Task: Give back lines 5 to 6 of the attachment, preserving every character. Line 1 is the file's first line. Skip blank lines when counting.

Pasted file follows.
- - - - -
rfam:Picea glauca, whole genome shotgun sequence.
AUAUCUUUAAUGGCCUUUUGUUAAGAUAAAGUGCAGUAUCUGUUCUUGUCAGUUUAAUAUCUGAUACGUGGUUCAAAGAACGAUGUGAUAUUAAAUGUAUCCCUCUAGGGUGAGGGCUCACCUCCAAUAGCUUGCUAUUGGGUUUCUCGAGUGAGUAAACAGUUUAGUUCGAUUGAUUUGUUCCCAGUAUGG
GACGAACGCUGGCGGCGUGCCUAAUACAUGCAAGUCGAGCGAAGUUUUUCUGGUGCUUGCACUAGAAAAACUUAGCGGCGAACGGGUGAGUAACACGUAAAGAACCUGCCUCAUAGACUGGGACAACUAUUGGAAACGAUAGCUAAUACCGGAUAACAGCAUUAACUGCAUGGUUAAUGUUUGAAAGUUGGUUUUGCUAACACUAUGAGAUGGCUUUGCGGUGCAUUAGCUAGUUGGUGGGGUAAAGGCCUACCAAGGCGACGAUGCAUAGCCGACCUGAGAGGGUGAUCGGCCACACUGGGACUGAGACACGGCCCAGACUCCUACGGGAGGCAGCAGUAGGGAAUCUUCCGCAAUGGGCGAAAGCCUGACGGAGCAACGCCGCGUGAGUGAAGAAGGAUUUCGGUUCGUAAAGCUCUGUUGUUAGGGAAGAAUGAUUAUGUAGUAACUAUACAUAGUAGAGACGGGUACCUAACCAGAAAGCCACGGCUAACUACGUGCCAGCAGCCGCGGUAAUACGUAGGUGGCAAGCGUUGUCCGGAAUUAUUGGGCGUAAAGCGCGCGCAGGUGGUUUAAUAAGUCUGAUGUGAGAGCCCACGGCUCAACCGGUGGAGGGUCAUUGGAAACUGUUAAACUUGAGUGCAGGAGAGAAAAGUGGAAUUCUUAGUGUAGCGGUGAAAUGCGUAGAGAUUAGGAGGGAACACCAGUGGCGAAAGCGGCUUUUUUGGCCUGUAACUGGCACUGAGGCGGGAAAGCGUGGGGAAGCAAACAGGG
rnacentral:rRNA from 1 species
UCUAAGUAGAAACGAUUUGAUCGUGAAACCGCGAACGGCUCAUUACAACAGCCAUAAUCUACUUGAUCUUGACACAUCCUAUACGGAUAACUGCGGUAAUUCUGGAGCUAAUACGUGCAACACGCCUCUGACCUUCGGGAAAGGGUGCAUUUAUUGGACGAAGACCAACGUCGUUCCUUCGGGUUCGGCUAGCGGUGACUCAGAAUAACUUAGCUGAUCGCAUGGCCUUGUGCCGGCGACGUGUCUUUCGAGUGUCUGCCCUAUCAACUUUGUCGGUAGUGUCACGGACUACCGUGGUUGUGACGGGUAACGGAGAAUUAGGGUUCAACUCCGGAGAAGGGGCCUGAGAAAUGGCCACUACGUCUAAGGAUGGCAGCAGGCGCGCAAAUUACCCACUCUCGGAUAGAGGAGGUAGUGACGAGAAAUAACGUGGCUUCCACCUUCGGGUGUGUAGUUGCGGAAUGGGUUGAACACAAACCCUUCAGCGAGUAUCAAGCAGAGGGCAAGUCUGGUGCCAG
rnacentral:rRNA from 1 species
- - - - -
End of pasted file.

UCUAAGUAGAAACGAUUUGAUCGUGAAACCGCGAACGGCUCAUUACAACAGCCAUAAUCUACUUGAUCUUGACACAUCCUAUACGGAUAACUGCGGUAAUUCUGGAGCUAAUACGUGCAACACGCCUCUGACCUUCGGGAAAGGGUGCAUUUAUUGGACGAAGACCAACGUCGUUCCUUCGGGUUCGGCUAGCGGUGACUCAGAAUAACUUAGCUGAUCGCAUGGCCUUGUGCCGGCGACGUGUCUUUCGAGUGUCUGCCCUAUCAACUUUGUCGGUAGUGUCACGGACUACCGUGGUUGUGACGGGUAACGGAGAAUUAGGGUUCAACUCCGGAGAAGGGGCCUGAGAAAUGGCCACUACGUCUAAGGAUGGCAGCAGGCGCGCAAAUUACCCACUCUCGGAUAGAGGAGGUAGUGACGAGAAAUAACGUGGCUUCCACCUUCGGGUGUGUAGUUGCGGAAUGGGUUGAACACAAACCCUUCAGCGAGUAUCAAGCAGAGGGCAAGUCUGGUGCCAG
rnacentral:rRNA from 1 species